The Book Blog of the Bristol (VA) Public Library weighs in on Fear On Four Paws:
” It’s an excellent series and comes highly recommended,” writes blogger/librarian Jeanne. “This series is often called a cozy, though that’s not the label I would give it. It’s a bit darker and grittier, not to mention that Pru is no chaste virgin maid. I think of it more as a straightforward mystery with a light dose of social commentary and a dollop of supernatural.” Of course, there’s more:
I always look forward to a new entry in the Pru Marlowe Pet Noir series. For the uninitiated, Pru works as a dog walker, animal behaviorist, trainer, and—more often than her on again, off again police officer lover Creighton would like—detective. Pru has a bit of an advantage in some cases: she can communicate with animals psychically, an ability whose sudden and confusing onset caused her to check herself into a mental hospital. It’s fear of being considered mentally unstable that causes Pru to keep her talent to herself, though Creighton has begun to suspect.
And while she can understand animal thoughts, the communication tend to be somewhat chaotic, to say the least, except from Wallis, Pru’s sardonic feline companion.
This time around, Pru has been searching for Albert, the local animal control officer, who is not the most diligent public servant (to put it mildly). She finds him passed out cold and an illegally trapped bear near by. She doesn’t figure Albert has the gumption to be the brains behind such an operation, but a new complication swiftly arises in the form of a dead human in the same vicinity. Albert’s pet ferret, Frank, is a probable witness but Frank isn’t talking.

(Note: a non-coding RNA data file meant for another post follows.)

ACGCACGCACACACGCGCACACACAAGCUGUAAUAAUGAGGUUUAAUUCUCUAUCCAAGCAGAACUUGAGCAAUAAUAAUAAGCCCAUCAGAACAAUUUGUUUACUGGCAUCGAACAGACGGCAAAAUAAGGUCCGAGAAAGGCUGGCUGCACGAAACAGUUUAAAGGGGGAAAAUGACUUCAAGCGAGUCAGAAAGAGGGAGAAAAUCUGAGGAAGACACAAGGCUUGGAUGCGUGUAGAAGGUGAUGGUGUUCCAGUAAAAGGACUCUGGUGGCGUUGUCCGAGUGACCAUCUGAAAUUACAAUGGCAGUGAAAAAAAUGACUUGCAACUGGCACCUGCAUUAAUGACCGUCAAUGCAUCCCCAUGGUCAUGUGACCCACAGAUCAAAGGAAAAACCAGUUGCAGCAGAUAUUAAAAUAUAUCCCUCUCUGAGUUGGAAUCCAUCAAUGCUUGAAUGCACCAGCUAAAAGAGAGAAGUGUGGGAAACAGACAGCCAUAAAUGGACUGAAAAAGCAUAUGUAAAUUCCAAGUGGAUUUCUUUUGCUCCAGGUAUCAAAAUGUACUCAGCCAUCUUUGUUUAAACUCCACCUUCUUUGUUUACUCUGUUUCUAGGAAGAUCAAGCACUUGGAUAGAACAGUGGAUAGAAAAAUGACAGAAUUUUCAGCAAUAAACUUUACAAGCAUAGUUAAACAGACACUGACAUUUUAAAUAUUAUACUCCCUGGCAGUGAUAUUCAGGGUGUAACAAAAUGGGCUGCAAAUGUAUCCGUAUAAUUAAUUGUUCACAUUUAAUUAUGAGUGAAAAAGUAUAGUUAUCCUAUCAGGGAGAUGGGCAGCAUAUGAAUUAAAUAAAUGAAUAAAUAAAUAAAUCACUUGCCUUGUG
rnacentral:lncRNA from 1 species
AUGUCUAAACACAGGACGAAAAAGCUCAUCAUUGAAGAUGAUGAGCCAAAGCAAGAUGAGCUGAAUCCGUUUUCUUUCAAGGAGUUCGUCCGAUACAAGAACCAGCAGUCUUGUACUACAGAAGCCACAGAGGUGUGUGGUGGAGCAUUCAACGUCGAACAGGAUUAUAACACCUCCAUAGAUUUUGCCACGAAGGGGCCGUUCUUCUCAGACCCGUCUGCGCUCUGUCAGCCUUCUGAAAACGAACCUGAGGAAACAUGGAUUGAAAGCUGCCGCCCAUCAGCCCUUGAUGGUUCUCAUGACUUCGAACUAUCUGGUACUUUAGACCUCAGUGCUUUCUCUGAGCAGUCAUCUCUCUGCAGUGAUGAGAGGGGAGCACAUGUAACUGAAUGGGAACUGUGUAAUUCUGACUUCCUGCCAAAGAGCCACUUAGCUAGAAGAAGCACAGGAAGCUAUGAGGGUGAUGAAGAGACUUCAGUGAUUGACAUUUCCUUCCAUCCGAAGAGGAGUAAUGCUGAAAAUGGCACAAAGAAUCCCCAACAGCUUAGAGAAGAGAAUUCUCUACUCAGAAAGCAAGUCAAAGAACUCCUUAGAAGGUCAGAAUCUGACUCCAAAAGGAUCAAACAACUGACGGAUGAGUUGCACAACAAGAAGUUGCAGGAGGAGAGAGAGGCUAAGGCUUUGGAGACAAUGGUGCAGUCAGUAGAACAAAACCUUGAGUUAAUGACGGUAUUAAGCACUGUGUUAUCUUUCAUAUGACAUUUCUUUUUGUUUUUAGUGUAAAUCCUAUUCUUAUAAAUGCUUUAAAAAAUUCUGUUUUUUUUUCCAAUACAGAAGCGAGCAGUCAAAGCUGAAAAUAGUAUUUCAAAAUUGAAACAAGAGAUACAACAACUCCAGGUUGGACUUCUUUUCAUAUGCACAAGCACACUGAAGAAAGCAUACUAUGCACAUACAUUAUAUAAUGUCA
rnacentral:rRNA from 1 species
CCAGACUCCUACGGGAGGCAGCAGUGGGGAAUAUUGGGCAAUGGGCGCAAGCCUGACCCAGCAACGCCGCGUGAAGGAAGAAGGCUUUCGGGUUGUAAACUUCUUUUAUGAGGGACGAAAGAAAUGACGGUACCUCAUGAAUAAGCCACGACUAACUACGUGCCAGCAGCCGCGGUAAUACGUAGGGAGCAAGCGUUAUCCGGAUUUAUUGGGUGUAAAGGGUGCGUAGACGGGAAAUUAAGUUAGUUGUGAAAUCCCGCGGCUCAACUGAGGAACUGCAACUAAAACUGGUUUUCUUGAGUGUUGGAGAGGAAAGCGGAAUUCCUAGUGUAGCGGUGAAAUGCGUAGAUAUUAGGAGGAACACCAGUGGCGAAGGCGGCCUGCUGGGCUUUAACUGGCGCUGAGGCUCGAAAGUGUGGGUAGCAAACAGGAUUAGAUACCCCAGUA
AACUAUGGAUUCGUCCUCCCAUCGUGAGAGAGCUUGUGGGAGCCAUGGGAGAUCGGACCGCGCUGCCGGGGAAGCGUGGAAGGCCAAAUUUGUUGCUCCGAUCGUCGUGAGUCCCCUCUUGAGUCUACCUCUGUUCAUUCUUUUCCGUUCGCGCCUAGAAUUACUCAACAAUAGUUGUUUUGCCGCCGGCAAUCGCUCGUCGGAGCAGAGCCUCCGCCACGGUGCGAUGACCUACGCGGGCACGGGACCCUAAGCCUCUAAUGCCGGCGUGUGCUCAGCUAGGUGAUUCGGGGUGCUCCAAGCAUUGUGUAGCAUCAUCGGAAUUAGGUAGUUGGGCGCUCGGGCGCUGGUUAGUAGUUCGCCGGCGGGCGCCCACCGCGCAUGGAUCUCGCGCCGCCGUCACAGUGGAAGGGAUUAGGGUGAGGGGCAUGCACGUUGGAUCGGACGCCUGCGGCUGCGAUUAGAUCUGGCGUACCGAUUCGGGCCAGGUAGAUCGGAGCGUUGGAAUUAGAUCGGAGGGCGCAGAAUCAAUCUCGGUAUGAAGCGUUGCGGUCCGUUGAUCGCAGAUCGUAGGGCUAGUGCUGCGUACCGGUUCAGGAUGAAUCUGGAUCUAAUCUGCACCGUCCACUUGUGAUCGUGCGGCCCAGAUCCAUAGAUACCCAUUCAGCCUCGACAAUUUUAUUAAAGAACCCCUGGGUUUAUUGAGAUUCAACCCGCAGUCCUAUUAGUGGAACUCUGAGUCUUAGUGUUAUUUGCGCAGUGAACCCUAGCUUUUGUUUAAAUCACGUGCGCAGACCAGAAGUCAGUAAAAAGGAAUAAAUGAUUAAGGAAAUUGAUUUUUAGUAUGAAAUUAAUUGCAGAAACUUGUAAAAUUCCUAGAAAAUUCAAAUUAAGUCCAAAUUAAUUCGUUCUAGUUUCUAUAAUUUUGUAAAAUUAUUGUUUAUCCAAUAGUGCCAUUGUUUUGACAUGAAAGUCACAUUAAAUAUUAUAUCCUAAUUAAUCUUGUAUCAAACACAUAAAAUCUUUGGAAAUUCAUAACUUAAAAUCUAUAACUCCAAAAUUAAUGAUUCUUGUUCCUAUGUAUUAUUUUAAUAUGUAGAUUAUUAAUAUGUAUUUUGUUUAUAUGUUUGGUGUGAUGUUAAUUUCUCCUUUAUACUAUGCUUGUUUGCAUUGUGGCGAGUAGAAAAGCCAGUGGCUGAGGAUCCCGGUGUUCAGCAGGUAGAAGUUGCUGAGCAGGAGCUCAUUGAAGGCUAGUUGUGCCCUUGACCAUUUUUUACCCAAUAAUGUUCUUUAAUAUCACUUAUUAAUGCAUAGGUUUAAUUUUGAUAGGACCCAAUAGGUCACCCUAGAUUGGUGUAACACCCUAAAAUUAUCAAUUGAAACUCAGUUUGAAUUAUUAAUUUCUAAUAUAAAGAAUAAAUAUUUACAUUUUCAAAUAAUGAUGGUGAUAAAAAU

Angered by the thoughts of what was probably in store for the bruin, Pru starts to investigate but she soon has more than one complication on her hands: pets are disappearing from an upscale neighborhood, and Greg the local game warden is interested in offering her a job—and maybe something more.
As usual, the animals take center stage. I always enjoy Wallis, whose observations on human life in general and Pru’s in particular, give the books some zest. Pru is a complex character who is suspicious of most of the human race and especially wary of emotional entanglements. She is more attuned and compassionate toward animals, who suffer not only physical hurt from humans but indignities: Growler, a bichon she walks on a regular basis, is called Bitsy by his human and treated more like a stuffed toy than a living creature. Despite being confined most of the day, Growler knows most of what goes on in the neighborhood and is a good source of information for Pru though he, like Wallis, is disdainful of Pru’s lack of awareness of all the things that go on around her.
However, I have to say that Bunbury Bandersnatch stole the show this time.
This series is often called a cozy, though that’s not the label I would give it. It’s a bit darker and grittier, not to mention that Pru is no chaste virgin maid. I think of it more as a straightforward mystery with a light dose of social commentary and a dollop of supernatural. It’s an excellent series and comes highly recommended.
While I think any of the books in this series could be read as a stand alone, I am one of those people who likes to start at the first and read in order. The other books are:
All are available from the library.
Full disclosure: I am acquainted with the author, but that did not influence my review.
(You can also see the original post here)